An Engagement with Simone John's Collateral

Deafening Silence: Exposure of American Racism in Simone John's Collateral

by Douglas Benishek

Simone John, Collateral (Octopus, 2016)

The Declaration of Independence states, “We hold these truths to be self-evident, that all men are created equal, that they are endowed by their Creator with certain unalienable Rights, that among these are Life, Liberty and the pursuit of Happiness.” Yet, during the 240 years after those words were inscribed, America has not acted according to these principals. Rather, racist American government and police officers have, at an increasing rate, been taking their own stance on this creed. In “Cigarette,” Simone John sheds light on racist violence: “ Step out of the car./ You do not have the right to do this./ I do have the right, now step out or I will remove you./ ... I’m giving you a lawful order” (4). This profiling is an example of the unjust division of power between Whites and Blacks that John comments on in her chapbook, Collateral. Her raw, unapologetic report of the arrest of Sandra Bland demands the reader to remember those lost and implores the world to abolish the silence on the issue of dehumanizing racism, both subtle and violent, in America.

The unjust division of power between Whites and Blacks is the basis for their interracial issues, including hateful violence - past and present.
From the day that African-Americans were brought to North America, multiple attempts to redeem their basic rights of man have been made, yet strife for Blacks has not been assuaged. John goes further to say that the most alarming instance of racism lies in America’s everyday subtext. In an interview with The Writer, John explains that in reading Sandra Bland’s arrest transcript, she realized the subtext clearly reveals that "[Bland and her arresting officer’s] exchange is an extended power struggle that escalated to physical violence.” The “power struggle” that John refers to encompasses the entirety of the relationship between Whites and Blacks in America: entitled Whites battling against Blacks who yearn for a world of fair treatment. They yearn for a world where they aren’t personally victimized for the color of their skin. Throughout Collateral, there are several lists of hate crime victims. Through these lists, John pleads the case that when deep-rooted discrimination steals innocent lives, it is no longer a matter that can be debated. The equalization of power and rights is imperative to the prosperity of American citizens and, as John argues, for the lives of Black-Americans.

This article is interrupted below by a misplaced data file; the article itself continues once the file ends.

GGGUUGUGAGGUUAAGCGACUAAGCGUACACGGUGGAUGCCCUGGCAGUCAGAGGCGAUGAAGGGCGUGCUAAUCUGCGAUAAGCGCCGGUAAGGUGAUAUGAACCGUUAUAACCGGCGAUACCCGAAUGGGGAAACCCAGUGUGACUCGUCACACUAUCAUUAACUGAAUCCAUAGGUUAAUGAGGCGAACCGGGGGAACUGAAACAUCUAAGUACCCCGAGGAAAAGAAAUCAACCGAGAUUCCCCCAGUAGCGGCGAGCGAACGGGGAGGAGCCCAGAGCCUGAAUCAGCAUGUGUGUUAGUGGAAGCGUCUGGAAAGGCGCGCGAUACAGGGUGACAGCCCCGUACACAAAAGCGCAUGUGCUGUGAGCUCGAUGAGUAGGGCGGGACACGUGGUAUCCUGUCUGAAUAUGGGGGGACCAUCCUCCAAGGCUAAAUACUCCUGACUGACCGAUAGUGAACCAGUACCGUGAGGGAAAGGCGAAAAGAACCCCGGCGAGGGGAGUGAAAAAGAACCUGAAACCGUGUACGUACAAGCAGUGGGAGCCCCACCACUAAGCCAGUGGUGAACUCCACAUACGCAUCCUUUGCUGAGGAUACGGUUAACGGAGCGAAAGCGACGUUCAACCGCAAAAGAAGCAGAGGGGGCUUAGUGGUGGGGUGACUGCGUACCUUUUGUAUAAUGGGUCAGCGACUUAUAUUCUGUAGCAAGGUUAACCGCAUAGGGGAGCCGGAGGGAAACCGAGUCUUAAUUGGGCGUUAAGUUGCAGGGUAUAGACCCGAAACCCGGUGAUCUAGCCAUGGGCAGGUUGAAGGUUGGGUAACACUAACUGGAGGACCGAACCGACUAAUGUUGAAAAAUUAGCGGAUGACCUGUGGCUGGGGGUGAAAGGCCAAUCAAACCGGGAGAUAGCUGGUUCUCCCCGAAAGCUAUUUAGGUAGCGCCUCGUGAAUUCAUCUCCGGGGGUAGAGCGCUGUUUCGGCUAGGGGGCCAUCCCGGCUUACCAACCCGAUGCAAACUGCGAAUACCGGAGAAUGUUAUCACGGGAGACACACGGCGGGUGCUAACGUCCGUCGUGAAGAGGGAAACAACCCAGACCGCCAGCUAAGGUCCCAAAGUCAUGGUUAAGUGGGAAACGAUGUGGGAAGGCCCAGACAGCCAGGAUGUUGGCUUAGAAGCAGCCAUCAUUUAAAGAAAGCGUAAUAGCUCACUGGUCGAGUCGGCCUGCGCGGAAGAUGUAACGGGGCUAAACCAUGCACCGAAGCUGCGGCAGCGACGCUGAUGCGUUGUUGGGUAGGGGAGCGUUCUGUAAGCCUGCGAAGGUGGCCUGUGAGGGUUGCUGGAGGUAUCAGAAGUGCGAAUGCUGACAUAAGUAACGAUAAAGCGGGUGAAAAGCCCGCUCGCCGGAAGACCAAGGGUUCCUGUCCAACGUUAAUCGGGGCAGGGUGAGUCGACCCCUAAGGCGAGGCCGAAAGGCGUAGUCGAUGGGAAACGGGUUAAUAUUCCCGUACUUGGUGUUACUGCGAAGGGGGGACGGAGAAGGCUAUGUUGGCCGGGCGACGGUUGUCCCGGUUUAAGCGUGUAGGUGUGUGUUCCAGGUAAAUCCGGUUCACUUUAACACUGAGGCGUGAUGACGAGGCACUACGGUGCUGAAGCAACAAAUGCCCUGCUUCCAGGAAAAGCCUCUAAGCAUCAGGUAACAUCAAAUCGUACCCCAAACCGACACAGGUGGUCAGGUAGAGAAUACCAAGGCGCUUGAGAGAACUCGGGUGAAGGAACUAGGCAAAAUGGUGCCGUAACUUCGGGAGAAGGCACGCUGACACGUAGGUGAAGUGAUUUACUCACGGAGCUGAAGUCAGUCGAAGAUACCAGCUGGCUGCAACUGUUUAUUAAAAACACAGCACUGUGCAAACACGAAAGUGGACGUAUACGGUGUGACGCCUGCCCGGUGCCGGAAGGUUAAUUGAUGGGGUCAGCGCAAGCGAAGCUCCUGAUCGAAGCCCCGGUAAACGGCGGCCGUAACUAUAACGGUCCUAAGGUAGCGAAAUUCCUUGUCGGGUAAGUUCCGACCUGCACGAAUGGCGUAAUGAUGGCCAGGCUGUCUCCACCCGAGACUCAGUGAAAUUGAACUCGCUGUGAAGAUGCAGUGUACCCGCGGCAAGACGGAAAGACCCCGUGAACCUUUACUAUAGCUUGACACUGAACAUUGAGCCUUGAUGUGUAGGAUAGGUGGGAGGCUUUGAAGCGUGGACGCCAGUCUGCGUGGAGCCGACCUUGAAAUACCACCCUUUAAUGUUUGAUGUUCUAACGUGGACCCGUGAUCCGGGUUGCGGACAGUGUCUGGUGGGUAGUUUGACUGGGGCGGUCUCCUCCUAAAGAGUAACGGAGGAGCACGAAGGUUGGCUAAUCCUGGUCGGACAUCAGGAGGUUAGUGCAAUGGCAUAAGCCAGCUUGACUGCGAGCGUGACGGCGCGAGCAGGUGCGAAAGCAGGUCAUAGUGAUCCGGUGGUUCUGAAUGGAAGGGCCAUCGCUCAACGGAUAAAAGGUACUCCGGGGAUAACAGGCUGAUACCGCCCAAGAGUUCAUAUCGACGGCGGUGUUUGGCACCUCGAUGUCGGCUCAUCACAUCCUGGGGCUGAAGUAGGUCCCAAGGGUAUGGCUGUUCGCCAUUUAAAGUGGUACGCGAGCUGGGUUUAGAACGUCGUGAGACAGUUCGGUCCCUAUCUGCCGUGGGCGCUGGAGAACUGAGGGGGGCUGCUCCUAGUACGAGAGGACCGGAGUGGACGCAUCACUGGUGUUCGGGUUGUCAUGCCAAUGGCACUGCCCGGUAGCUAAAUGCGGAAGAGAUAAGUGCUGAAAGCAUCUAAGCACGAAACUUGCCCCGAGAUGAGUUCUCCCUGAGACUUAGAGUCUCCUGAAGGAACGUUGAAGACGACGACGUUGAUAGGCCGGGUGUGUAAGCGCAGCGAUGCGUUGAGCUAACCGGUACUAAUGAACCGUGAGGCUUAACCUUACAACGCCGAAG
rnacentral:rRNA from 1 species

If it is accepted that these human rights are universally God-given, then the withholding of these rights effectively dehumanizes Black people. Throughout the world, discrimination and cruel treatment has, to some effect, been rationalized through a viewpoint that dehumanizes others. In America, this has been shown in the initial idea that Blacks are property, or “less-than-human.” Today, according to the law, Blacks are fully equal, yet the stigma still exists in the subtext. In “A Much More Common Term,” racial slurs are shorthand for dehumanization and hate, as John deadpans that "White people use nigga as a proxy / for the word worthless" (13), and thus an offensive term becomes a tool to rob worth and meaning from Black lives. In the last four stanzas, John alludes to the fact that the use of this xenophobic tool only furthers the extent of the dehumanization and the contrast in power. By chronologically listing names of Black figures in the American community, she shows how the term has been altered to fit the mold of the present; it remains ever-present, a derogatory word muttered amongst those who wish to perpetuate the inexplicit hate in America.